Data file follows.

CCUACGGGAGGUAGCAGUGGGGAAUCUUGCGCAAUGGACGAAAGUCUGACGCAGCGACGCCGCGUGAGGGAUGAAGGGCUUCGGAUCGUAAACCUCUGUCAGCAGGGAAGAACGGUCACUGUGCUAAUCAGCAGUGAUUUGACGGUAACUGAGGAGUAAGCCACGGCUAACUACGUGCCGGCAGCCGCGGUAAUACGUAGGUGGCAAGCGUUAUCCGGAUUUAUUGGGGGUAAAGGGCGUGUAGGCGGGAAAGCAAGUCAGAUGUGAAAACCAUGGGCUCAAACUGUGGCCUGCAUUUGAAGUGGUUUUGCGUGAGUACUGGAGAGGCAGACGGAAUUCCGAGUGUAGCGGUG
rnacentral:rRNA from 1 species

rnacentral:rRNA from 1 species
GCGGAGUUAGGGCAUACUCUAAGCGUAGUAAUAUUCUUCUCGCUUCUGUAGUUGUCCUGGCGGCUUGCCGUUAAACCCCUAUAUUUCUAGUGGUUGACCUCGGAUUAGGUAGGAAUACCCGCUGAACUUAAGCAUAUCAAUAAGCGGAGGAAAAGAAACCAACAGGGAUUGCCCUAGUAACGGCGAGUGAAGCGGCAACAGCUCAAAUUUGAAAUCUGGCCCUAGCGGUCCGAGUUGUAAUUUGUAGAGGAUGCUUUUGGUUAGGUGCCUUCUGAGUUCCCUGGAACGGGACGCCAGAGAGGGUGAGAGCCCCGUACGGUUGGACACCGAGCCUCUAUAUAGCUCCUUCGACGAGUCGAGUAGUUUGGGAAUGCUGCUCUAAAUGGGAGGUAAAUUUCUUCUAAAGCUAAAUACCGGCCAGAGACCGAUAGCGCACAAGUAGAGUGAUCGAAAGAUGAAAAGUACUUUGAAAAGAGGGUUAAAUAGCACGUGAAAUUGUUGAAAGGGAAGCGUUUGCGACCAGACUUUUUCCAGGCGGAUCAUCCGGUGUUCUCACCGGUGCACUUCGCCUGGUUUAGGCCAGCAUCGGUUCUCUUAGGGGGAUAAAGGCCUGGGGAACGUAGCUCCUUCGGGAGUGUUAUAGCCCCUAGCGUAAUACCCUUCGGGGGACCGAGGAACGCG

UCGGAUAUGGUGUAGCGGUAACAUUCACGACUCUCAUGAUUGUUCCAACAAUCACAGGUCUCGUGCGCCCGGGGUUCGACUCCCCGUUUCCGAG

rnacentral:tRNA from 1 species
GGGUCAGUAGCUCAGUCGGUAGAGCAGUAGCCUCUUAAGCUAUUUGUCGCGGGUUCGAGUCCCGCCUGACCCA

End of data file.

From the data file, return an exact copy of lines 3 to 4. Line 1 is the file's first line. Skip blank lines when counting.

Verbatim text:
rnacentral:rRNA from 1 species
GCGGAGUUAGGGCAUACUCUAAGCGUAGUAAUAUUCUUCUCGCUUCUGUAGUUGUCCUGGCGGCUUGCCGUUAAACCCCUAUAUUUCUAGUGGUUGACCUCGGAUUAGGUAGGAAUACCCGCUGAACUUAAGCAUAUCAAUAAGCGGAGGAAAAGAAACCAACAGGGAUUGCCCUAGUAACGGCGAGUGAAGCGGCAACAGCUCAAAUUUGAAAUCUGGCCCUAGCGGUCCGAGUUGUAAUUUGUAGAGGAUGCUUUUGGUUAGGUGCCUUCUGAGUUCCCUGGAACGGGACGCCAGAGAGGGUGAGAGCCCCGUACGGUUGGACACCGAGCCUCUAUAUAGCUCCUUCGACGAGUCGAGUAGUUUGGGAAUGCUGCUCUAAAUGGGAGGUAAAUUUCUUCUAAAGCUAAAUACCGGCCAGAGACCGAUAGCGCACAAGUAGAGUGAUCGAAAGAUGAAAAGUACUUUGAAAAGAGGGUUAAAUAGCACGUGAAAUUGUUGAAAGGGAAGCGUUUGCGACCAGACUUUUUCCAGGCGGAUCAUCCGGUGUUCUCACCGGUGCACUUCGCCUGGUUUAGGCCAGCAUCGGUUCUCUUAGGGGGAUAAAGGCCUGGGGAACGUAGCUCCUUCGGGAGUGUUAUAGCCCCUAGCGUAAUACCCUUCGGGGGACCGAGGAACGCG